BEQ: What are South African crosswords like?
Gareth: Well I grew up with the "You" magazine Blockbuster crossword, which is probably the most popular, at least most people I come across who solve crosswords solve that. [I did it] with the help of my grandfather and a yellow crossword dictionary ca. 1969 of which only about 1 in 20 words would be considered remotely fair. But, I digress. The style is assymetric, with two-letter words and unches and lots of one-word synonym clues and obscure stuff that frequently likes to be unchecked. I've yet to see the popular word REDE in a US puzzle, but I'm sure I will eventually. A different crossword-making ethos, though not far from the NYT pre-Shortz. The long words were often delightful though, and I presume still are.
It was enough for me to get hooked on solving. and by about 13 trying to emulate them and then chase various family members around the house with them trying in vain to get them to solve them. I digress again.
Most newspapers run UK cryptics but I don't think too many people actually do them.
BEQ: So how'd you get into U.S. puzzles?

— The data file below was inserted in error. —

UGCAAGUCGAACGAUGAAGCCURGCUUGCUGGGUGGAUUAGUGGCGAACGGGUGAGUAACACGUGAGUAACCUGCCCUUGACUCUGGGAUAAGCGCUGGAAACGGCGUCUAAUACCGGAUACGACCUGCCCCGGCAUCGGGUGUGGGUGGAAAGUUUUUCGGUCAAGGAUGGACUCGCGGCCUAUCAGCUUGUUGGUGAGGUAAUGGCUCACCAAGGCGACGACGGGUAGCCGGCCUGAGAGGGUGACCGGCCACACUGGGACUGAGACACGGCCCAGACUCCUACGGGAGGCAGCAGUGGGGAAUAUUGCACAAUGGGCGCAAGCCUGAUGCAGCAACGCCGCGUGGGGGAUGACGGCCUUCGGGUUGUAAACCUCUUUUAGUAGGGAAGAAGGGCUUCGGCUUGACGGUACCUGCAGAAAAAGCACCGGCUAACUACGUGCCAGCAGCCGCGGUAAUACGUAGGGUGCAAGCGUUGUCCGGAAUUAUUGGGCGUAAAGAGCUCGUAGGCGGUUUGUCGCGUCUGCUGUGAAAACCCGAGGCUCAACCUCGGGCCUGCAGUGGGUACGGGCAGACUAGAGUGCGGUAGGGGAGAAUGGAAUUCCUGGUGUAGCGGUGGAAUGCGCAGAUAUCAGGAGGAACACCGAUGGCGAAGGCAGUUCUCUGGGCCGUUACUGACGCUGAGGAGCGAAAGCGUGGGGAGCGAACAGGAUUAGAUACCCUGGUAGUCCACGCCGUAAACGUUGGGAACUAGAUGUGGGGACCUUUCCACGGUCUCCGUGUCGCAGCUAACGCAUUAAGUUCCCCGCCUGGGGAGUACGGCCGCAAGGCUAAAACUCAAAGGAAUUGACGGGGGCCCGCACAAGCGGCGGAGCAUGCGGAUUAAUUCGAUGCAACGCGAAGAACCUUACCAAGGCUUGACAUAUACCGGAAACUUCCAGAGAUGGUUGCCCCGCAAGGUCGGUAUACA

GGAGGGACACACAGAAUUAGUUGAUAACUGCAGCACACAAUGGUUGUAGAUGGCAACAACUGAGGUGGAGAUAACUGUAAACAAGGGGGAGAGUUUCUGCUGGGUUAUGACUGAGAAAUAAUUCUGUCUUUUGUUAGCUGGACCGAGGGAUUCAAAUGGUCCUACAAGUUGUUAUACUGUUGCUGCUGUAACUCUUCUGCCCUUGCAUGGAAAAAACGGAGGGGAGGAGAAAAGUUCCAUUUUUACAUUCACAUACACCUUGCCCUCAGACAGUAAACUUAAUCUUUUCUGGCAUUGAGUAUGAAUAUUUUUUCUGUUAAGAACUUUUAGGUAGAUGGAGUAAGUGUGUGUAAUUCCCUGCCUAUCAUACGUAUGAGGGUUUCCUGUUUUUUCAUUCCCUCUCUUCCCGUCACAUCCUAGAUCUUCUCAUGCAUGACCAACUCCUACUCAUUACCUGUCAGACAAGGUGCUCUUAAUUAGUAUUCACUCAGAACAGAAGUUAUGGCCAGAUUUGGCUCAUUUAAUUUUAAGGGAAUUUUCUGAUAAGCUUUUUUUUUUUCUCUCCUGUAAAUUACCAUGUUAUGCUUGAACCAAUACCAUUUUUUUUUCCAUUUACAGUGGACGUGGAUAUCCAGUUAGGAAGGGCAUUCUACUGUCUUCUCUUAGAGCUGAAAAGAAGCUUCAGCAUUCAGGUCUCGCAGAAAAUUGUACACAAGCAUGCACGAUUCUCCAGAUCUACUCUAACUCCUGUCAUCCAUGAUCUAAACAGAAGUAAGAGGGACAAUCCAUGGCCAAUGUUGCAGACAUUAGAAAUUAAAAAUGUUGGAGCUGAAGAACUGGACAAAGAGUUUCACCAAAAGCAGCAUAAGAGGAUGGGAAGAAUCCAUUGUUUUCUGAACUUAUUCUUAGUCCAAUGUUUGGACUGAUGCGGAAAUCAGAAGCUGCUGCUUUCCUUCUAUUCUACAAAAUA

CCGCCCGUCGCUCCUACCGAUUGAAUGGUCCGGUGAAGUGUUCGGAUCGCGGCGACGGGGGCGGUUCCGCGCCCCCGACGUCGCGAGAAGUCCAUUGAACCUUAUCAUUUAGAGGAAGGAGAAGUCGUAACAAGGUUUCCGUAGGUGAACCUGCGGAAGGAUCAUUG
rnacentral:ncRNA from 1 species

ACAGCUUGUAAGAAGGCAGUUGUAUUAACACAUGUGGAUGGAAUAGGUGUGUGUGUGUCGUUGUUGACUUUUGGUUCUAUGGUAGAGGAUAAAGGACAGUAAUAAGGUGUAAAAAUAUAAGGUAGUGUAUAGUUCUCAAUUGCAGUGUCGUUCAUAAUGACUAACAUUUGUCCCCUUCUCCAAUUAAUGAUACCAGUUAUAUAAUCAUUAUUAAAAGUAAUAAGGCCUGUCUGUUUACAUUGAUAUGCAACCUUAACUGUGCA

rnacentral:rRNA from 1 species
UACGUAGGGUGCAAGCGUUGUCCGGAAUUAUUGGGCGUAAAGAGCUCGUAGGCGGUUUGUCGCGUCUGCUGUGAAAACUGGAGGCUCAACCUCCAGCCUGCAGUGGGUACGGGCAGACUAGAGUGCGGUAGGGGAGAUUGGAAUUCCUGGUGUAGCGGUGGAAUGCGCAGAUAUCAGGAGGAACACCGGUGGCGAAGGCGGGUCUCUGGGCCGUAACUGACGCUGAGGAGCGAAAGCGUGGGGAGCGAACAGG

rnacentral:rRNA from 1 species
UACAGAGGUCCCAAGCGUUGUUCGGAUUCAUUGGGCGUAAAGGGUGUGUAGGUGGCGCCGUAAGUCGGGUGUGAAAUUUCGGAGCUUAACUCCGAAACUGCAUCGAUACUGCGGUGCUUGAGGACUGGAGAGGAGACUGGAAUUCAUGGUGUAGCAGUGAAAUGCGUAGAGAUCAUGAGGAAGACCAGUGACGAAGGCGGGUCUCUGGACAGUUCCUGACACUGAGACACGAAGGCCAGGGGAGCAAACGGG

Gareth: Was bored in the summer holidays and did a search for crosswords to solve. Found bestcrosswords.com whose puzzles I quickly ate up. They're in the US style, sort of, no themes and more words/blocks and simpler clues. They also have puzzles by "guest" constructors (about the only really well-known one would be Ben Tausig), and I quickly added my name to that list.
Via the "email constructor" function, I got a couple of suggestions to look at Cruciverb, and got blown away by the huge difference in quality of grid and the themes in the L.A. Times, N.Y. Sun and CrossSynergy puzzles. I quickly started solving them and immediately tried making my own. Took a few months before I sold one to Timothy Parker, then things slowly took off from there. Learned a lot about constructing initially from following Amy Reynaldo's blog, cruciverb-l and of course the constructive feedback I got from Rich Norris!
BEQ: Do you notice a massive cultural difference while solving U.S. puzzles? I do when I try my hand at the odd British puzzle.
Gareth: Just not spelling things "ou" or "ise" was difficult, at first. Honestly, American culture is pervasive enough that a lot of stuff I have heard, from somewhere or other. But puzzles laden with US sportsmen and politicians can be my downfall. I usually have to work around the former category in your puzzles.Though having said that, I've yet to convince any of my puzzle-loving friends/relatives that U.S. crosswords are actually awesome. They keep saying they're too difficult, even when I drop a Monday LAT in their lap. I suspect the major mind shift is from synonym-based clues to the more playful style favored in most U.S. crosswords. Possibly also that many more names are featured and that multi-word phrases don't have their lengths indicated.
BEQ: Just wondering: how do you construct puzzles with vuvuzelas droning on in the background?
Gareth: The main problem is actually having to keep the lions at bay with my assegai.